General Atomics, Northrop Grumman Demo Predator B/MQ-9 Reaper's Electronic Attack Capability

  • Our Bureau
  • 01:46 PM, January 23, 2014
  • 3174

General Atomics and Northrop Grumman today announced the second successful demonstration of Predator B/MQ-9 Reaper's Electronic Attack capability featuring Northrop Grumman's new Pandora Electronic Warfare (EW) system at the U.S. Marine Corps' (USMC) Weapons and Tactics Instructor (WTI) course held at Marine Corps Air Station (MCAS) Yuma.

"Our collaboration with the Marine Corps and Northrop Grumman demonstrates the operational flexibility of the Predator B from being primarily a counter-insurgency aircraft to a platform that can address a broader spectrum of operational requirements," said Frank W. Pace, president, Aircraft Systems, GA-ASI.

The purpose of this second demonstration was to evaluate the capability of a RPA to conduct electronic warfare missions in concert with other unmanned aircraft systems and EA-6B Prowlers in a multi-node approach against a more capable Integrated Air Defense System (IADS). The event expanded upon GA-ASI and Northrop Grumman's successes in last April's WTI exercise and focused on delivering a more integrated and networked EW capability. 

GA-ASI participated in the demonstration with a company-owned Predator B RPA equipped with a company-produced jamming pod containing Northrop Grumman's Pandora EW System and controlled by a GA-ASI Ground Control Station (GCS). The Northrop Grumman payload proved to be very effective and was integrated seamlessly with the Predator B avionics and command and control architecture.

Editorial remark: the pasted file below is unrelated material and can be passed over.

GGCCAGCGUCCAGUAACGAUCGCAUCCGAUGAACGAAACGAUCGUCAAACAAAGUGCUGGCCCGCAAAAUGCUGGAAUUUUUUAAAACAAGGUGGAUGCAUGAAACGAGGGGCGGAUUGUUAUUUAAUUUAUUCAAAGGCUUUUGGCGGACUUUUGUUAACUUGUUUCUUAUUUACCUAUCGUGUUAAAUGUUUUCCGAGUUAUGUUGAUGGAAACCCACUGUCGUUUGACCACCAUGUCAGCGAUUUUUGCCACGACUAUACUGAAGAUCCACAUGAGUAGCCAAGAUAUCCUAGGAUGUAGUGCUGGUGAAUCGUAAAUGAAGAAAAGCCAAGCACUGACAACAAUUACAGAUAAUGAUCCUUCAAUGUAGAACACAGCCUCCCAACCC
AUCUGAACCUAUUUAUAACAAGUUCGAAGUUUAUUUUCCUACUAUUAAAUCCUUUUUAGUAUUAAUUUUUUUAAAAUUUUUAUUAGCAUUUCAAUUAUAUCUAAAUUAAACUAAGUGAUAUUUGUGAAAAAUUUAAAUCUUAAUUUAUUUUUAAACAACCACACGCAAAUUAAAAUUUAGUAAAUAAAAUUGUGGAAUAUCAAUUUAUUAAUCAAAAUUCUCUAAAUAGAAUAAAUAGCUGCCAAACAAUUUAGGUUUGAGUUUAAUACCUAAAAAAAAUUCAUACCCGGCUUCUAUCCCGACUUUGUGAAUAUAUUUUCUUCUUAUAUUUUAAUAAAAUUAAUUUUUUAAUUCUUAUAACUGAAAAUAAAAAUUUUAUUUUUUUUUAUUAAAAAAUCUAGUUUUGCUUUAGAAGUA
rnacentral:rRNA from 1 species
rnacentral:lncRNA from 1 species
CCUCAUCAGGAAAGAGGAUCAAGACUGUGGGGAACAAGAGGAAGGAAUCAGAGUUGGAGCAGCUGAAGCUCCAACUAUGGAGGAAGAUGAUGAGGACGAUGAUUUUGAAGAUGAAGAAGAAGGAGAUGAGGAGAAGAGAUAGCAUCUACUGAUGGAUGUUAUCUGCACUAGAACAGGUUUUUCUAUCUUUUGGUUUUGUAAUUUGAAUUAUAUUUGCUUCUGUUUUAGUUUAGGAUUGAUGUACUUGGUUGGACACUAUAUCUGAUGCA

Northrop Grumman's Pandora is a multi-function wideband solution that provides electronic attack, support and protection. The lightweight, low-power system includes a flexible architecture to meet emerging needs and supports open interfaces to enable integration and interoperability. 

The RPA was able to integrate into a Marine Command and Control (C2) network, enabling control of the aircraft's EW payload and other assets with a higher level of coherency among the platforms to deliver effects across the Electro-magnetic Spectrum (EMS).

This C2 capability was exercised from the Cyber/Electronic Warfare Coordination Cell (CEWCC) located at MCAS Yuma and supported a large aircraft strike package which addressed simulated targets located hundreds of miles north at Naval Air Weapons Station China Lake. 

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